Niagara Gazette — The intriguing behind-the-scenes story of the race to host the United Nations is meticulously told in “Capital of the World,” by Charlene Mires (New York University Press, 319 pages, 2013). She is an associate professor of history at Rutgers University.
It’s important to note that Niagara Falls was just one of more than 200 cities and towns in pursuit of the lofty dream. While the big cities like Chicago, San Francisco, St. Louis, Denver and New Orleans were confident of their chances, the Black Hills of South Dakota and many small towns across the U,S, waged vigorous campaigns for the host role.
When its Headquarters Committee determined that the site should be in the U,S., it was obvious that the Niagara group had to shift its strategy from the Canada-owned Navy Island to Grand Island. The site committee ultimately rejected the Niagara proposal, pointing out that nearby Buffalo was “not sufficiently a cultural center.” (No mention of the weather factor, professional sports teams or a signature bridge).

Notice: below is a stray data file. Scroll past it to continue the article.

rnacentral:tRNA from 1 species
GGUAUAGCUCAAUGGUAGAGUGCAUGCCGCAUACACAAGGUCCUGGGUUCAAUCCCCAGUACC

The ultimate choice, of course, was New York City. Officials had been confident all through the debate that they would win. After a frantic search for available parcels, John D. Rockefeller Jr. provided $8.5 million on Dec. 10, 1946, to acquire a six-block site on the East River in Manhattan. It was owned by developer William Zeckendorf whose initial plan was he build a city within a city (e.g. a Rockefeller Center-style project).
A FINAL WORD: Imagine the impact on the area economy had the site committee chosen Niagara Falls as the headquarters for the UN: A world-class airport. Thousands of hi-tech jobs. UB’s 20-20 plan completed in the 1970s. Legalized casino gambling as just another state-run attraction, not a critical funding source for communities to survive. Millions of more tourists. Maybe even another 100 restaurants featuring Indian food.
Enjoy Independence Day!
Contact Reporter Don Glynnat 282-2311, ext. 2246.Contact Reporter Don Glynn at 282-2311, ext. 2246.